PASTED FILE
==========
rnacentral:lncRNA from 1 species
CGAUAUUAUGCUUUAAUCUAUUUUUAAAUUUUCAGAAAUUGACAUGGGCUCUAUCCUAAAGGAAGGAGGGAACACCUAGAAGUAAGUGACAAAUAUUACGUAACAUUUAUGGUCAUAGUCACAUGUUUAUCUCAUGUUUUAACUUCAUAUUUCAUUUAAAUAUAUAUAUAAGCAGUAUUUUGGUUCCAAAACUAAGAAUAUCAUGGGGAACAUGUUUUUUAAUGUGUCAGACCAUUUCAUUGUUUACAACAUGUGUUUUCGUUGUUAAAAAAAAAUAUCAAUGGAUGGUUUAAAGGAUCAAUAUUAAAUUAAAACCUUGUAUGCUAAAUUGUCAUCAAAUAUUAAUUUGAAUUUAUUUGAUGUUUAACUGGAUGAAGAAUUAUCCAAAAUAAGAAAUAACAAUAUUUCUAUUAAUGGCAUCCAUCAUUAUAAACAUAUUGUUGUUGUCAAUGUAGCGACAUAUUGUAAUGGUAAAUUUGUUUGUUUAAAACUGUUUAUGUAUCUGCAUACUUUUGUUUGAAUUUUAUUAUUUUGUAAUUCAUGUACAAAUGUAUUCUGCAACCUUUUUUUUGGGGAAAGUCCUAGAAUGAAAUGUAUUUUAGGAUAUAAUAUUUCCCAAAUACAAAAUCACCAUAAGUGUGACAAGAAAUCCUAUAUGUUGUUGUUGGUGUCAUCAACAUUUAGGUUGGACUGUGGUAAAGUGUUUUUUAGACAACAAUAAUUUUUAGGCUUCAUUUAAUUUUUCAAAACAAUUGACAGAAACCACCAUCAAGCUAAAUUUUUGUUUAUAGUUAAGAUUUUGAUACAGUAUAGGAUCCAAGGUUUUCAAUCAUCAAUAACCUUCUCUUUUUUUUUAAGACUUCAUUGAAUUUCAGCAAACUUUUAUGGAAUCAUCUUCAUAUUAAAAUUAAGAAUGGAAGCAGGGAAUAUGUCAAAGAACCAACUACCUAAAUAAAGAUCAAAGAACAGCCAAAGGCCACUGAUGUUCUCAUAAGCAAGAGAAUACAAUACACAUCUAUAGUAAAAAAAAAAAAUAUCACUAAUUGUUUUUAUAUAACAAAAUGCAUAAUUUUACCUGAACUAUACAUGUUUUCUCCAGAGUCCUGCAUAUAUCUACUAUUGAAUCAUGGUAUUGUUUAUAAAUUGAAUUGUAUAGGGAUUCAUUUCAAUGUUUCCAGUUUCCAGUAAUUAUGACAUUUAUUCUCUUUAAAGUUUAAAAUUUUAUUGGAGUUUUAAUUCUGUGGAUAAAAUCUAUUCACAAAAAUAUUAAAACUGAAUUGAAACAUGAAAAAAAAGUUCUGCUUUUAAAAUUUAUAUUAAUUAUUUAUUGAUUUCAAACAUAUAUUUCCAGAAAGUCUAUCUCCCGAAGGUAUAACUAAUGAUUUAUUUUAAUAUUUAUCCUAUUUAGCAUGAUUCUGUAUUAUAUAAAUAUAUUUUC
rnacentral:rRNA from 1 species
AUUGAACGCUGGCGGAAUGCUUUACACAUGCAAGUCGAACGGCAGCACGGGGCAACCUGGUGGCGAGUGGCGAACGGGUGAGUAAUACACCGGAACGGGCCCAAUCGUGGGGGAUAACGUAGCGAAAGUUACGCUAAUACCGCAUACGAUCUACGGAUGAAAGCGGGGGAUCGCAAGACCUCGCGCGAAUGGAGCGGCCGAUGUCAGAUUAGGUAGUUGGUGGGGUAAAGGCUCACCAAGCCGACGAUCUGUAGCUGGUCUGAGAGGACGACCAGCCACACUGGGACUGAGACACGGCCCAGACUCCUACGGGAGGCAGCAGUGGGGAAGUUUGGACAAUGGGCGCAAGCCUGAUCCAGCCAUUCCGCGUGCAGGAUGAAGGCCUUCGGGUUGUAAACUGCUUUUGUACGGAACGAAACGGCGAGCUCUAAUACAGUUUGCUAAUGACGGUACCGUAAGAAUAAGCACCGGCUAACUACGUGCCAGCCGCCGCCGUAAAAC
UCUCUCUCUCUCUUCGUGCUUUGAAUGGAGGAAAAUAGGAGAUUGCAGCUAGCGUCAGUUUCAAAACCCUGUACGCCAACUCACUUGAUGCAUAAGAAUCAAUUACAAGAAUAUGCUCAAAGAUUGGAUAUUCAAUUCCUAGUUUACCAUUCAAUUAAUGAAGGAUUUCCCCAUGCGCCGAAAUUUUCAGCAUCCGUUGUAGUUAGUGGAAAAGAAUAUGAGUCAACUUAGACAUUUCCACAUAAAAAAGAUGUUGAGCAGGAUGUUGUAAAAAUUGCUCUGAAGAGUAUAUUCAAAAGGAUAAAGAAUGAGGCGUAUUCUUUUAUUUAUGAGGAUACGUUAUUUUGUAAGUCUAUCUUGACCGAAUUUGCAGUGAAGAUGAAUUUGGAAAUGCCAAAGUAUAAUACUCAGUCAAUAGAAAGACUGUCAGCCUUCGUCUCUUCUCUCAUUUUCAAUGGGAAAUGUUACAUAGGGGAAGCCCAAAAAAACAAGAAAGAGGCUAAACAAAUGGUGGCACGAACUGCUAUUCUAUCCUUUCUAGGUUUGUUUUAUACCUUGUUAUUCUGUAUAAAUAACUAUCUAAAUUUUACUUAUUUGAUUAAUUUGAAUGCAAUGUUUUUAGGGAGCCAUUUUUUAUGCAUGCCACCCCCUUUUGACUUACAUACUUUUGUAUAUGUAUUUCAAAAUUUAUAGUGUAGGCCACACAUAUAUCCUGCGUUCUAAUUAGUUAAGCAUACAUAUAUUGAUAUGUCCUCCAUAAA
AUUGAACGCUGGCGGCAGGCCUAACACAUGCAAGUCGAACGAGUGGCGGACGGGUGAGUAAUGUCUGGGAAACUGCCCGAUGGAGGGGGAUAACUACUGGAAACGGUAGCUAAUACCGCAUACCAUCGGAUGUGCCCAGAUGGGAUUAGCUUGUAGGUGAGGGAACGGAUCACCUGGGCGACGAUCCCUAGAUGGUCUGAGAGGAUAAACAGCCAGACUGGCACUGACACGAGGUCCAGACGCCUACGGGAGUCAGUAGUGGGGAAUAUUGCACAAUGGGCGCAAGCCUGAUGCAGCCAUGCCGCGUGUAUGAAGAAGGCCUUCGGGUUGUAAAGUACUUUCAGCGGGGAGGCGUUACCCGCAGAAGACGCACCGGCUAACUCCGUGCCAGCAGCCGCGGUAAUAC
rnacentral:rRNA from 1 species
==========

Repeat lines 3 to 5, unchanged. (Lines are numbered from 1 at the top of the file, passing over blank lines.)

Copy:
rnacentral:rRNA from 1 species
AUUGAACGCUGGCGGAAUGCUUUACACAUGCAAGUCGAACGGCAGCACGGGGCAACCUGGUGGCGAGUGGCGAACGGGUGAGUAAUACACCGGAACGGGCCCAAUCGUGGGGGAUAACGUAGCGAAAGUUACGCUAAUACCGCAUACGAUCUACGGAUGAAAGCGGGGGAUCGCAAGACCUCGCGCGAAUGGAGCGGCCGAUGUCAGAUUAGGUAGUUGGUGGGGUAAAGGCUCACCAAGCCGACGAUCUGUAGCUGGUCUGAGAGGACGACCAGCCACACUGGGACUGAGACACGGCCCAGACUCCUACGGGAGGCAGCAGUGGGGAAGUUUGGACAAUGGGCGCAAGCCUGAUCCAGCCAUUCCGCGUGCAGGAUGAAGGCCUUCGGGUUGUAAACUGCUUUUGUACGGAACGAAACGGCGAGCUCUAAUACAGUUUGCUAAUGACGGUACCGUAAGAAUAAGCACCGGCUAACUACGUGCCAGCCGCCGCCGUAAAAC
UCUCUCUCUCUCUUCGUGCUUUGAAUGGAGGAAAAUAGGAGAUUGCAGCUAGCGUCAGUUUCAAAACCCUGUACGCCAACUCACUUGAUGCAUAAGAAUCAAUUACAAGAAUAUGCUCAAAGAUUGGAUAUUCAAUUCCUAGUUUACCAUUCAAUUAAUGAAGGAUUUCCCCAUGCGCCGAAAUUUUCAGCAUCCGUUGUAGUUAGUGGAAAAGAAUAUGAGUCAACUUAGACAUUUCCACAUAAAAAAGAUGUUGAGCAGGAUGUUGUAAAAAUUGCUCUGAAGAGUAUAUUCAAAAGGAUAAAGAAUGAGGCGUAUUCUUUUAUUUAUGAGGAUACGUUAUUUUGUAAGUCUAUCUUGACCGAAUUUGCAGUGAAGAUGAAUUUGGAAAUGCCAAAGUAUAAUACUCAGUCAAUAGAAAGACUGUCAGCCUUCGUCUCUUCUCUCAUUUUCAAUGGGAAAUGUUACAUAGGGGAAGCCCAAAAAAACAAGAAAGAGGCUAAACAAAUGGUGGCACGAACUGCUAUUCUAUCCUUUCUAGGUUUGUUUUAUACCUUGUUAUUCUGUAUAAAUAACUAUCUAAAUUUUACUUAUUUGAUUAAUUUGAAUGCAAUGUUUUUAGGGAGCCAUUUUUUAUGCAUGCCACCCCCUUUUGACUUACAUACUUUUGUAUAUGUAUUUCAAAAUUUAUAGUGUAGGCCACACAUAUAUCCUGCGUUCUAAUUAGUUAAGCAUACAUAUAUUGAUAUGUCCUCCAUAAA